Matthew 22:15-21, 29th Sunday in Ordinary Time
“Is it lawful to pay census tax to Caesar or not?” If Jesus said yes, the hierarchs would charge him with blasphemy, punishable by stoning. Only God was king! If he said no, they’d rat him out to the Romans who could charge him with treason, also punishable by death. So, Jesus asked, “Kaninong mukha ba ang nakalimbag sa pera?” “Sa hari,” they answered, falling into his trap. “Eh, ‘di kanya ‘yan. Pagmumukha pala n’ya ang nand’yan sa pera eh. ‘Eh ‘di siya may-ari n’yan. Isoli n’yo sa kanya.” I could actually hear a follow-up question which Jesus didn’t ask, but whose answer would’ve been quite telling: “Eh, ‘jan sa isip at puso ninyo, kaninong mukha ang nakalimbag ‘jan?” Which would be another of saying, “Who owns you?”
Maybe we can compare the census tax to our Dolomite Beach today. It was a waste of hard-earned money, Jews were pretty sure. It was frivolous, absolutely no return of investment, useless, and pathetic. At a time of social strife, people’s money could’ve been better spent for people. Oh, the Jews hated with a passion the census tax and whom it represented, hating it all the more because they couldn’t do anything about it. Every day, Jews saw Caesar’s big head embossed on their hard-won denarius coins—his big head that matched his huge ego; his huge ego that belied his gigantic incompetence, fecklessness, &and failure of governance. When they turned the coins over, they read: pontifex maximus; literally, “greatest priest!” The original pontifex maximus was the highest-ranking priest who served as adviser to the emperor. But eventually, the emperor entitled himself to that honor. As pontifex maximus, he performed the sacred rites to the gods, offered sacrifices, and bridged humanity with the deities; pontifex, meaning, “bridge-builder.” You can imagine how the Jews snorted at seeing that every day. They who had to suffer through this Dolomite Beach of a census tax such that Caesar was anything but a bridge to God. No, he was a curse to Jewish life. Him and his taxes. But lest they forget, the Roman emperor’s image and likeness was everywhere: on their money, in mosaics, statues, bas-reliefs, frescoes. Caesar’s presence was inescapable; or, more exactly, his absent presence.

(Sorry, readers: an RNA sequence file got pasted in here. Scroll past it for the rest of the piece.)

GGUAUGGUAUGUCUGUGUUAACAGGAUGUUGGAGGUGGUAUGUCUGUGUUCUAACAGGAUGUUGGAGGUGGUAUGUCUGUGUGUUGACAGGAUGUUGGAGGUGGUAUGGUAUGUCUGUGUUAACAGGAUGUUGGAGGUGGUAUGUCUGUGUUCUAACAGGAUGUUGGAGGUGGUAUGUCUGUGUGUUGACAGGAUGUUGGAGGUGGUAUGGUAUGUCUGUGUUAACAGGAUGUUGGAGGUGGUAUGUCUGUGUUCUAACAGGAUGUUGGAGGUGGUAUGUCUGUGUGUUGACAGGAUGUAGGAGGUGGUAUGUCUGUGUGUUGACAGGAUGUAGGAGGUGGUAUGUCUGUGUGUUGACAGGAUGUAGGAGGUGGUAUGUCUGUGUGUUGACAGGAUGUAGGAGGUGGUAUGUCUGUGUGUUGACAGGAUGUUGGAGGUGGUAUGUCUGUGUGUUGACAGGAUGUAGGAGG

“We become what we love and whom we love shapes what we become,” St Clare of Assisi. We know that to be true, don’t we, sisters and brothers? We become whom we love. Unfortunately, the opposite can also be true. We can also become whom we hate, especially when we keep hating them even only in our minds. That’s why we hear of the abused becoming an abuser, the oppressed becoming an oppressor, the victim becoming the victimizer. Jesus’ counter-question is still very timely, sisters and brothers. “Whose image is this and whose inscription?” Unless we restrain ourselves from constantly seeing images of people we love to hate, we gradually become them. We assimilate the character we so reject in them. I learned this the hard way, and still learning it. “Hurt people hurt people,” so goes a very old saying, strangely worded but very true. We hurt others because we ourselves have been hurt. And we will keep hurting them when we keep allowing ourselves to hate-think people who hurt us.
In today’s Gospel, it’s easy to see how the temple hierarchs who hated Caesar and everything about him had turned into whom they hated. These Caesar-haters weren’t very different from Caesar anymore: they were elitist, self-referential; they were socially deaf, selectively blind; they were conniving & murderous. What the hierarchs hated about Caesar, Jesus found also in them. So, more than Caesar would ever know, his image and likeness was not just on things. It was in people, too.
Did Jesus have his share of disturbing thoughts and feelings about the government, the temple culture, the hierarchs? I’m sure he did. After all, he was—and still is—fully human, not just fully divine. He thought like us and felt like us, and still does. I know that sounds far-fetched, but that’s what it means for our Savior to be fully human as well as fully divine, sisters and brothers. The critical difference, though, is that Jesus didn’t likely allow himself to free-fall into hate-thinking his enemies, or obsessing over society’s ills. There were more important people in his lives than his adversaries. And because of this, there were much more important things to do. The sick needed to be healed, the possessed waited to be freed, tax collectors, prostitutes, sinners needed bringing back around. Jesus was never going to be an absent presence like Caesar and the hierarchs. So, he logged off Facebook, so to speak, and got up from his keyboard and got busy. That was why he didn’t turn into a Caesar or a hierarch. He got busy thinking of, being with, and ministering to real people with real needs and were living real life and dying real deaths. If Jesus were to mint his entire life into coins, they would have the faces of people on them. That was how much they were worth to him. He would consider himself “owned” by people who needed him the most.
If you and I were to coin our life these past seven months of the pandemic, sisters and brothers—and if all our thoughts, all our feelings, and all our preoccupations would go into minting that coin, whose image would Jesus likely see on it? Whose image owns us? How much would we be worth? And most importantly, for whom were we mostly spent?